Because Profit’s dedication and determination to her son and his well-being were unwavering, young Aiden has flourished over the years. Aiden… now 15 years old, is currently a freshman at Paul G. Blazer High School. His mother shared that Aiden enjoys playing video games, supporting the Tomcats, and playing baseball in the Challenger League. Aiden shared with us that his favorite thing about high school is lunch and gym class. Unlike most teens his age, Aiden doesn’t look forward to summer breaks. “Our days are very structured and routine. Summers are a tough transitional period for him; he would much rather be in school with a consistent routine than be out for the summer,” noted Profit.
However, this summer is the summer that both Aiden and his mother have looked forward to since early 2020. Over the summer, Aiden will finally get to meet and receive his long-awaited service dog. This process has been three years in the making. In 2020, the family’s beloved pets of 15 years succumbed to old age and naturally, the family took it very hard. It was after the loss of their beloved fur babies that Profit decided to look into getting her son a professionally trained service dog. Profit had previously done some research on it a few years prior but ended up leaving the thought on the back burner. Profit stated, “Aiden’s service dog will be able to go everywhere he goes including school. Everywhere we go poses challenges. Our lives will drastically change when he gets his service dog. We haven’t been to church since 2019 due to Aiden’s anxiety and behavioral struggles. This is something we both have a yearning for. Having a beloved companion by his side will help bridge the gap in social settings. Instead of being viewed as the kid with “problems,” he will be seen as the amazing individual he is with a furry best friend by his side helping him navigate thru life.”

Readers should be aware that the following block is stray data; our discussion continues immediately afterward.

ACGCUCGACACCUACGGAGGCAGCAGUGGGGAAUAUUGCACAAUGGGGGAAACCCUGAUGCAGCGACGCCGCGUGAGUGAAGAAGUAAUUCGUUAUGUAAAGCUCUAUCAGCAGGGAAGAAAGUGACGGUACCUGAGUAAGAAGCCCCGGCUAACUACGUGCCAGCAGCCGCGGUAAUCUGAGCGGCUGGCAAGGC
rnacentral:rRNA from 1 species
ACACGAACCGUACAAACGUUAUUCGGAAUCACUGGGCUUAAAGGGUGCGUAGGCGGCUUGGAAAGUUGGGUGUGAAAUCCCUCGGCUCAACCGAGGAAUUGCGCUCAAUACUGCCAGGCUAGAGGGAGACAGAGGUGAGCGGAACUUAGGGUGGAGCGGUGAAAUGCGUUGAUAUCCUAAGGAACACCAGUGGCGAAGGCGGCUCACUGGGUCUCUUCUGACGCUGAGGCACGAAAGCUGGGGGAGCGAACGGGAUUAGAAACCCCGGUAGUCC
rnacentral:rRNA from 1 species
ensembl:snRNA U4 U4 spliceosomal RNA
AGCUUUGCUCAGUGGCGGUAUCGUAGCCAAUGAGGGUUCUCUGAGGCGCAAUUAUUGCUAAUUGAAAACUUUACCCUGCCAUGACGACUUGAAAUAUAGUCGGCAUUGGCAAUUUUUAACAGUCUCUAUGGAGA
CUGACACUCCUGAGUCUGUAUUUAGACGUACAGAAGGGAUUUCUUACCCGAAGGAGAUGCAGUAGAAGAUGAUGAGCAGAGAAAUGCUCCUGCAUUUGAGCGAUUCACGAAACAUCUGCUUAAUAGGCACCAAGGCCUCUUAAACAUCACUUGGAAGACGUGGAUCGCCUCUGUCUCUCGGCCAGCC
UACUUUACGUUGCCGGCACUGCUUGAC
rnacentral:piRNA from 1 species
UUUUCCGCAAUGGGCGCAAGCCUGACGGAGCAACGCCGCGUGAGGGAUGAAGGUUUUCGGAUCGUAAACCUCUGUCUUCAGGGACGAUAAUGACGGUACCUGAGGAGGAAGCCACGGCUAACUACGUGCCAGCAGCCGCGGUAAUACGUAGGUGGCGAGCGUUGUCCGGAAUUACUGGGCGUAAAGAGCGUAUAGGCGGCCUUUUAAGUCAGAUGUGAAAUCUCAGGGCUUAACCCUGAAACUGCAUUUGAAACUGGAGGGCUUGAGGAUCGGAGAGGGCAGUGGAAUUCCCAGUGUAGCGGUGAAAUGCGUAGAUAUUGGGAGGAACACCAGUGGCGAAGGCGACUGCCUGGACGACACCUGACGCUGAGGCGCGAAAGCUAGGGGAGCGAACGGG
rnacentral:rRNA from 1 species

The average wait time to obtain a service dog from a reputable training facility is between two to five years. In order to obtain one, the family must go through an extensive fundraising period as well as many classes. “Aiden is eagerly awaiting to receive his match letter on June 21. That is when we find out his dog’s name, gender, and breed.” shared Profit. Once matched, Profit and her son must travel to Xenia, Ohio where Aiden will meet his service dog for the first time, and the three of them will take part in an extensive nine-day training course.
To help offset the cost of travel expenses, food, and lodging while in Xenia, Ohio, Profit has begun a t-shirt fundraiser that she has lovingly named “Paws for Cause.” The cost of each t-shirt is $18, with $5 from every shirt sale going to the family. If you would like to purchase a shirt, you can do so by contacting Trophy House at 606.324.2661 or visiting them in store at 2007 Central Avenue. With every shirt purchased, you are not only helping this family, but you are helping to spread awareness about this all too often misunderstood disorder.
While there is currently no cure for autism, and it is not something that one can just outgrow… Aiden is living proof that with proper support and understanding, you can live a perfectly normal life. Profit had one final thought to share, “I’ve always been an open book when it comes to our autism journey. My hope is that by sharing so much about our journey that I am able to help others who may be following along in our footsteps. Autism has no cure and looks different for everyone. There is no face of autism. When someone says he doesn’t look autistic, I often wonder what they see as the face of autism.”